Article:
Richard Doerflinger writes on the American Academy of Neurology’s recently released guidelines on care for patients like Terri Schiavo:
Court cases involving patients like Nancy Cruzan, Nancy Ellen Jobes and Terri Schiavo have established a broad right to discontinue feeding and let patients in a vegetative state die of dehydration.
Now enters the American Academy of Neurology with new guidelines on treatment of these patients, developed along with other experts and the National Institute on Disability, Independent Living and Rehabilitation Research. This group’s findings and recommendations are game-changing:
- A more descriptive term for “vegetative state” is “unresponsive wakefulness syndrome.” (This will be welcomed by families who don’t appreciate their ailing loved ones being compared to broccoli.)
- There is a significant chance for rehabilitation (sometimes allowing patients to return home and resume employment) even in patients who have been in this state for a year or more, so “continued use of the term ‘permanent vegetative state’ is not justified.” The term “chronic” should be used, as it does not imply irreversibility. Protocols are recommended for enhancing the prospects for recovery.
- Studies show that the likelihood of misdiagnosing the condition is about 40 percent. This includes cases where patients diagnosed as “vegetative” actually had locked-in syndrome, where they cannot respond but are fully aware (so presumably they can hear their doctors calling them vegetables).
- One study found that 32 percent of patients with severe traumatic brain injury died in the hospital — but 70 percent of the deaths were due to withdrawal of life support, and such withdrawal had more to do with the facility where care was provided than with the severity of the symptoms.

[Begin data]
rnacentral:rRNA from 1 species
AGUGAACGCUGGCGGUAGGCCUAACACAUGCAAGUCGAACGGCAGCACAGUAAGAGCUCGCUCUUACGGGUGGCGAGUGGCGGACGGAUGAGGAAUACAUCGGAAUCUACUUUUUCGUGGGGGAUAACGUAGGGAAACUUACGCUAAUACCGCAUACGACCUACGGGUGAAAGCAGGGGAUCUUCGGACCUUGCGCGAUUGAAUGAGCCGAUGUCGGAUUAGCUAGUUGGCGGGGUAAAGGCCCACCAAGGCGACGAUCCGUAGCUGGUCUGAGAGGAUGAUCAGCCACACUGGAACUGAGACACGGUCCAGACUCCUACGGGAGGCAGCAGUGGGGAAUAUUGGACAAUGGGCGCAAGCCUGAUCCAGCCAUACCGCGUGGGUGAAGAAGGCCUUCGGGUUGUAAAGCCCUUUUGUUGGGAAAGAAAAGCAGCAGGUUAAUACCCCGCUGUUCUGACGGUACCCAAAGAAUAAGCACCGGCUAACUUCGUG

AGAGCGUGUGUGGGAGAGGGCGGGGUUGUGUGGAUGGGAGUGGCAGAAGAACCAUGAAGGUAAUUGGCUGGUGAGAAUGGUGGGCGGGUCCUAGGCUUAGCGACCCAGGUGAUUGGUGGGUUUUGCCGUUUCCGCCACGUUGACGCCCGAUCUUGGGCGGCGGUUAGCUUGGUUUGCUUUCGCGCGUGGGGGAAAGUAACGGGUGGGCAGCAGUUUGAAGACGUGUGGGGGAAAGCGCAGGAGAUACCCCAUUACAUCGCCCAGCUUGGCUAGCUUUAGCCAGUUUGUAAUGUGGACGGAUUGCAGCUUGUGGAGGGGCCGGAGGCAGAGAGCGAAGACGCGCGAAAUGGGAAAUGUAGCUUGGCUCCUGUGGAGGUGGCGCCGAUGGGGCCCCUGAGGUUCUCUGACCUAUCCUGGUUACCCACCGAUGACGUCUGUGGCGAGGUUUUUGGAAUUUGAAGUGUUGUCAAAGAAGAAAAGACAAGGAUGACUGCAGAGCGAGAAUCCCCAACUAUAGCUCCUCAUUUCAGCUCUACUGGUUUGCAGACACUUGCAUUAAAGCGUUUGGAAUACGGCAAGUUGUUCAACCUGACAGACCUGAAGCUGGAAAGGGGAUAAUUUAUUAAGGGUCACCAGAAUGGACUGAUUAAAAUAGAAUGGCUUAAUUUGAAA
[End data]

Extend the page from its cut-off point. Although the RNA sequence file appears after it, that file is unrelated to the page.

In short, our medical system has been giving up on far too many of these patients, prematurely ensuring their deaths based on faulty diagnoses and self-fulfilling hopeless predictions.
Bobby Schindler and I wrote earlier this year on the increasing shift from describing brain injured persons as “vegetative” to instead experiencing “unresponsive wakefulness:”
What was essential in their recoveries from the standpoint of their families and caretakers was, first, a willingness to acknowledge a certain powerlessness — We cannot always make our loved ones better by our own power — and, second, a willingness to embrace uncertainty about their ultimate fate — Are they still really ‘with us’? Will they ever fully recover?— yet an even stronger willingness to live hopefully and with the sort of care that could provide an environment for life and for recovery.
Every person intuitively knows in his or her heart that what makes the special people in our lives so special is not what they do for us, but instead who they are. Every person who matters to us is a gift, always unearned, and often unexpected, whose particular value is incalculable and priceless.
Yet our medical culture is designed increasingly to also be an accounting culture, which necessarily introduces some temptation to view those for whom it was originally created to care unconditionally not as gifts, but as products.
In aggregate, this results in treating patients as a sort of raw human material whose potential future worth, just like a rising or falling stock, dictates their present value.
For example, unresponsively wakeful persons are not “attractive investments” in a profit-driven medical and accounting culture, and this means that families facing such a diagnosis will have to be particularly brave in providing the sort of safe havens and environments for potential recovery from which Terri Wallis, Martin Pistorius and Patricia White Bull each benefited in their own way.
For a society wishing to be humane, no “unresponsively wakeful” patient who is not dying can be allowed to fall victim to an imposed death of starvation and dehydration by removal of so-called “artificial” food and water. It is neither a natural nor a simple way to die.
Encouraging to see the American Academy of Neurology rejecting the sort of medicine-governed-by-accountants culture and But what can they do in this condition? thinking that has led to the deaths of Terri Schiavo and countless others.